Platform soles — you may have noticed — are back in fashion, but not as you may think of them.
The word platforms conjures up images of Bowie in his Ziggy Stardust best, PTS TERBAIK ASEAN maybe your first-ever pair of boots made of stitched-together jean patches (those were the days), but even those of us who love 1970s style know we can’t be going back there now.(I’m speaking as someone who got a pair of those Terry de Havilland gold platform wedge sandals for my 50th birthday, so I’ve got more skin in this game than most) .
Platforms are great — leg lengthening and easy to walk in, irrespective of their height, as well as glamorous in a fun, uplifting way.But if you’re planning to wear them in everyday life (not just for a glittery party with your velvet loons) they need to be a lot less glam rock and a lot more slick and polished — and that’s what’s on offer this time around.
Pictured: Sarah Jessica Parker wearing a stunning pair of gold metallic platforms with a colourful midi dress
There are plenty of candy striped and camp sandals out there — it’s sandals that you’ll get the most mileage from — but the grown-up modern platform is chic, plain and wearable with a narrowish sole.
The idea is they will work with all those outfits that benefit from a high heel, at a point in our history when no one (no one I know) can bear to wear heels after a couple of years of not having to.
Also, let’s face it, platforms are high shoes for those of us who view court shoes and stilettos as a bit uptight lady — when the attitude we are aiming for is great-for-our-age and still A Contender.
Last but not least, a pair of platforms will make all the clothes you own look bang up to the minute.Don’t think of them as retro fun. Think of them as the new moved-on heel you can wear all the time, because it’s like walking on inches of cushion.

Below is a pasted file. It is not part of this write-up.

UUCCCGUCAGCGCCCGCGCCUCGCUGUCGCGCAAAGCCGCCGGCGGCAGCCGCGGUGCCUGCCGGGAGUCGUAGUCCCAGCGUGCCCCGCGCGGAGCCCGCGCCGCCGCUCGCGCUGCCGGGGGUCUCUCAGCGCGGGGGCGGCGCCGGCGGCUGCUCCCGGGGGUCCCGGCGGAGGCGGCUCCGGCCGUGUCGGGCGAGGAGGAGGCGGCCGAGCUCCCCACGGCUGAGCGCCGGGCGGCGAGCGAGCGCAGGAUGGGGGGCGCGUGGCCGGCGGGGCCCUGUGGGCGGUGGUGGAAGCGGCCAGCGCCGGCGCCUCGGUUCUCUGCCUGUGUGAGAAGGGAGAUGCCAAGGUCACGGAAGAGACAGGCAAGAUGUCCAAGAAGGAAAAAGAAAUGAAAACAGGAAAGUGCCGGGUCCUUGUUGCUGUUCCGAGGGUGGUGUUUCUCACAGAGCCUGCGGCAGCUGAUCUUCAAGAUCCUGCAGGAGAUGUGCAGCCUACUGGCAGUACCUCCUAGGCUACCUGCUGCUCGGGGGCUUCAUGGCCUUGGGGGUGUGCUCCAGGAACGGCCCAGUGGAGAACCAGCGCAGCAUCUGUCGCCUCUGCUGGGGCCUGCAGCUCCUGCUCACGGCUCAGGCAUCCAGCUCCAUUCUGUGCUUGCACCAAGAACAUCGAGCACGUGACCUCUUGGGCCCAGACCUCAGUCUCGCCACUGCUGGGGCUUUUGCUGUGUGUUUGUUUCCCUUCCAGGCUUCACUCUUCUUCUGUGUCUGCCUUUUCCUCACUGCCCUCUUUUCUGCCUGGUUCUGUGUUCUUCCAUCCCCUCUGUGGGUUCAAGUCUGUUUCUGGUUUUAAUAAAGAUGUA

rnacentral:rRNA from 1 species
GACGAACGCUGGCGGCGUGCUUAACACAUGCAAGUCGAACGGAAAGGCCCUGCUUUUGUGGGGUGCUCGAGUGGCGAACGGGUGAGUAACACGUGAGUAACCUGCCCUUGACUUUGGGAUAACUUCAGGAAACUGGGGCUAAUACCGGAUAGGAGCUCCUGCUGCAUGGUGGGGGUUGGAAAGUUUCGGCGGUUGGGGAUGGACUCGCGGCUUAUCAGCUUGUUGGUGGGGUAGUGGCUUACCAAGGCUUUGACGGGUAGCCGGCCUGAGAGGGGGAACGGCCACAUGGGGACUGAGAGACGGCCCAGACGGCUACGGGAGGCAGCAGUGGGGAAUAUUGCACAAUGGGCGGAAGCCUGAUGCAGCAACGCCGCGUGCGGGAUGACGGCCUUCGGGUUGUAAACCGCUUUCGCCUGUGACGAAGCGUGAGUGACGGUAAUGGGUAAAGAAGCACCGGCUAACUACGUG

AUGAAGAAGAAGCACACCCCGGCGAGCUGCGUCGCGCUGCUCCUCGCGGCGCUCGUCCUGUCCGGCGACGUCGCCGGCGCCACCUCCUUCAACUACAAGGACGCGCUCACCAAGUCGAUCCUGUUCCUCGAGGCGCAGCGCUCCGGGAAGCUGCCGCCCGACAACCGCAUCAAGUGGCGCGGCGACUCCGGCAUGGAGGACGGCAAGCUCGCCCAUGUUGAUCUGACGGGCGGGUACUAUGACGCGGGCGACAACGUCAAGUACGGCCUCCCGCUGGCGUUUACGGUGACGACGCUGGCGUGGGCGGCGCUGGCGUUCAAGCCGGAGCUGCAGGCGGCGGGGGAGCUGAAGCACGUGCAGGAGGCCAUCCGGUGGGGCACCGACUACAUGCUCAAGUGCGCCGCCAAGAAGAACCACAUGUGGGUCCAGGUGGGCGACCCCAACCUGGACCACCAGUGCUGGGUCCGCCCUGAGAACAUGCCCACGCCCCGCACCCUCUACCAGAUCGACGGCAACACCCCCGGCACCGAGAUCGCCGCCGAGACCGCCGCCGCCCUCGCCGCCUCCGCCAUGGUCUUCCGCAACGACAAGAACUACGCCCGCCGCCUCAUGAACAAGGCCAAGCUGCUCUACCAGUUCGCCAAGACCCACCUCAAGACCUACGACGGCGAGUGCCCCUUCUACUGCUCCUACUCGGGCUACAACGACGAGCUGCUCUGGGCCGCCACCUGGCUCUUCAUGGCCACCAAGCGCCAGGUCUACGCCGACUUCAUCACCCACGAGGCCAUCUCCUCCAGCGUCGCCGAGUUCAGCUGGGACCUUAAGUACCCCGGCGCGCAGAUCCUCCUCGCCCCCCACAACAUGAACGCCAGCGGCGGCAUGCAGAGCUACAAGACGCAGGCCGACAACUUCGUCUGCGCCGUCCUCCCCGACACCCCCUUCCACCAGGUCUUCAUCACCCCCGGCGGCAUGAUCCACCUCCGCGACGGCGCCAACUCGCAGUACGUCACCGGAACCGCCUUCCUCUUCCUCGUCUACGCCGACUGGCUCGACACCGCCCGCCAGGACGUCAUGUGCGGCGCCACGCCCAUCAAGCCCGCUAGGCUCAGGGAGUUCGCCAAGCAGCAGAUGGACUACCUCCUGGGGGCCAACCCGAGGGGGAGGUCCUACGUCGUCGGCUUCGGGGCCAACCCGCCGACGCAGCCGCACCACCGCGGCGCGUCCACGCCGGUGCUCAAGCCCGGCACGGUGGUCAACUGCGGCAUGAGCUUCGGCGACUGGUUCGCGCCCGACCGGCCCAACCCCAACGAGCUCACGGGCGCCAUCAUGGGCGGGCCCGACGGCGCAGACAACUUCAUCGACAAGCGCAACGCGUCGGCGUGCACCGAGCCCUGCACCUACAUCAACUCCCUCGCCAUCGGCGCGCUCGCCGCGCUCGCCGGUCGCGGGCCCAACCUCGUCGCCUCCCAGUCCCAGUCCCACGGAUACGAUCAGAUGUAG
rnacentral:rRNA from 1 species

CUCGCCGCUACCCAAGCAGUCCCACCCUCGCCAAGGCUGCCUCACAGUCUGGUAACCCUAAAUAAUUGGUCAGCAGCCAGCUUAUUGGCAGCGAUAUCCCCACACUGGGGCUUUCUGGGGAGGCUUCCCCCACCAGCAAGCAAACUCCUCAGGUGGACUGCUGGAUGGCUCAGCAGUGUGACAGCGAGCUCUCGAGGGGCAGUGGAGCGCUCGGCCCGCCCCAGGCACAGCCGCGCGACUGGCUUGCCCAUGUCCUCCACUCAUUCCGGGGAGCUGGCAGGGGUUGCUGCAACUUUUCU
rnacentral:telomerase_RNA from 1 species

The feature that makes platform sandals look modern are block heels (never go spindly, whatever you do) and one with a slight flare gives them an extra contemporary edge.I like Russell & Bromley’s glossy orange sandals (£275, russellandbromley.co.uk), but they are highish and, while a platform makes it so much easier to wear a heel, this one, at 9cm, would be too much for me.
Pictured left: Chanel features white platforms with floral detail on the runway.Pictured right: Vanessa Hudgens opts for a pair of black velvet platforms
Russell & Bromley also does a lower block-heeled style (the platform is 3cm, the heel 8.5cm) in lipstick red or black suede (£225) which, especially in black, will be a keeper for wearing with midi dresses, skirts and trousers.
It’s similar to Prada’s muchcopied black suede platform sandal — the shoe style that works with literally everything at any time of year.
London-based label Esska does an even lower one (7cm heel, plus 2cm platform), so even better in my book (£150, esskashoes.com).If you want a more 1970s look, Esska does a T-bar style with a 7cm heel that comes in rust suede, a mustardy gold, platinum and glitter slate (£160). I wouldn’t go for the glitter, but any of the others would be perfect for weddings and parties. If you want to go one fancier, Reformation does a satin strap sandal with more of a 1940s vibe — perfect with a polka dot dress (£248, thereformation.com).
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